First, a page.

By Sauvé Fellow Edison Huynh
Having spent a lot of March ‘on the move’ across Canada, the Fellows returned to Montreal rejuvenated and ready to put into action our plans for the collective project.
One of our deliverables includes writing op-eds over the coming months on a variety of topics linked to our team project on refugee rights and integration. To aid us in this task, we were lucky enough to receive training from journalist Andrew Potter, best-selling author, former editor-in-chief of the Ottawa Citizen, and new Director of the McGill Institute for the Study of Canada. This encounter gave us fascinating insight into the world of journalism. Mr. Potter also gave us some great tips from everyone to catching the editor’s eye to dealing with rejection.
Be sure to explore the Jeanne Sauvé Foundation website for op-eds covering a range of topics, including a comparison of refugee integration in Canada vs. Europe, an article about irregular migration from Pakistan, and an op-ed linking the Jewish festival of Passover with refugee integration policy.
Our op-ed training was followed by the more festive (but equally important) activity of surprising Nancy Wright for her 70th Birthday! After a more formal event in her honour upstairs, it was a pleasure for the Fellows to cook a special dinner for her and guests. Her tireless contributions to the Sauvé community have had a strong impact on all Sauvé Fellows, who still remember trips to her lakeside home in the Laurentians as a highlight of their time in residence.
The next day, the Foundation co-hosted with Trafalgar School for Girls a dialogue space in which Dr. Tererai Trent shared a powerful personal narrative about her upbringing in Zimbabwe. As a child growing up in poverty, Dr. Trent recalled how she was not allowed to go to school, even though her brother Tinashe was given the opportunity to attend. This did not stop her from pursuing all of her dreams, which led her to obtain a PhD in the United States and to champion women’s education by creating a series of public schools in Zimbabwe. What we took away from her inspirational stories was a strong sense of tenacity and drive: to follow your dreams and then pay it forward (I could tell why Oprah Winfrey revealed that Dr. Trend was her all-time favourite guest!). The other beautiful thing about the evening was also the fact that it was the start of a reinvigorated partnership with Trafalgar School. We’ve been neighbours on Docteur-Penfield Avenue for many years and are excited about the friendly collaborations to come.
The following week saw us host another event in the Jeanne Sauvé Forum series exploring Public Leadership for Culturally Diverse Societies from multiple angles. The perspectives which were given on April 5 centred around the Pursuit of Peace – a documentary highlighting the extraordinary lives of those on the front line striving for peace in places such as the Central African Republic, South Sudan and Iraq. The feature documentary makes a powerful case for unarmed civilian peacemaking and mediation within conflicts. What struck me about the documentary was the fact that peace isn’t something we ever ‘achieve’ but rather, it’s an ongoing effort; an aim for which countless individuals need to keep striving. Following the public screening of the film, we had a Q&A with Director Garry Beitel and Producer Barry Lazar. We thank them both for creating a documentary which is so very topical to current events and has stimulated much discussion about our ongoing team project, as outlined by Brijlal in the previous post in this series of Fellows’ Team Project updates.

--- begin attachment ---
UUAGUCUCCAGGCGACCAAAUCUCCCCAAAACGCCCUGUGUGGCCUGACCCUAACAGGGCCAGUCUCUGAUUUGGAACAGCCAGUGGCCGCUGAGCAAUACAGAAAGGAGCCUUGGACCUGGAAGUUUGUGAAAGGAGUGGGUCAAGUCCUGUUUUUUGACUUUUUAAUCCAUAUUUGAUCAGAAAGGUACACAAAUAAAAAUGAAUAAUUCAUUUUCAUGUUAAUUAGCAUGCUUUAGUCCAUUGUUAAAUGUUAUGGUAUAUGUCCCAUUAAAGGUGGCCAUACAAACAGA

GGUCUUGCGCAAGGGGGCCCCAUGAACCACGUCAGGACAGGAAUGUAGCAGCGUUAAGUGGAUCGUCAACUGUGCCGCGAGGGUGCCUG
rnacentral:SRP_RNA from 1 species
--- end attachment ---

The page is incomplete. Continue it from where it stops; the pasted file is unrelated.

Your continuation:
The week finished with another VOX Method workshop, which is part of a series of innovative public speaking training we have been participating in throughout our residential year. These sessions are designed to improve our public speaking skills. Each workshop focuses on a different speaking format, and this particular one involved pitching a 30 second TV advertisement on a passion of ours. Issues covered included female representation in the media, mental health issues, and even the Jeanne Sauvé Program itself!! We all look forward to putting these skills into practice at our next public Forum event on April 27, which will see the Fellows deliver our public narratives concerning issues of equality, inclusion, exclusion, identity and peace. See you there!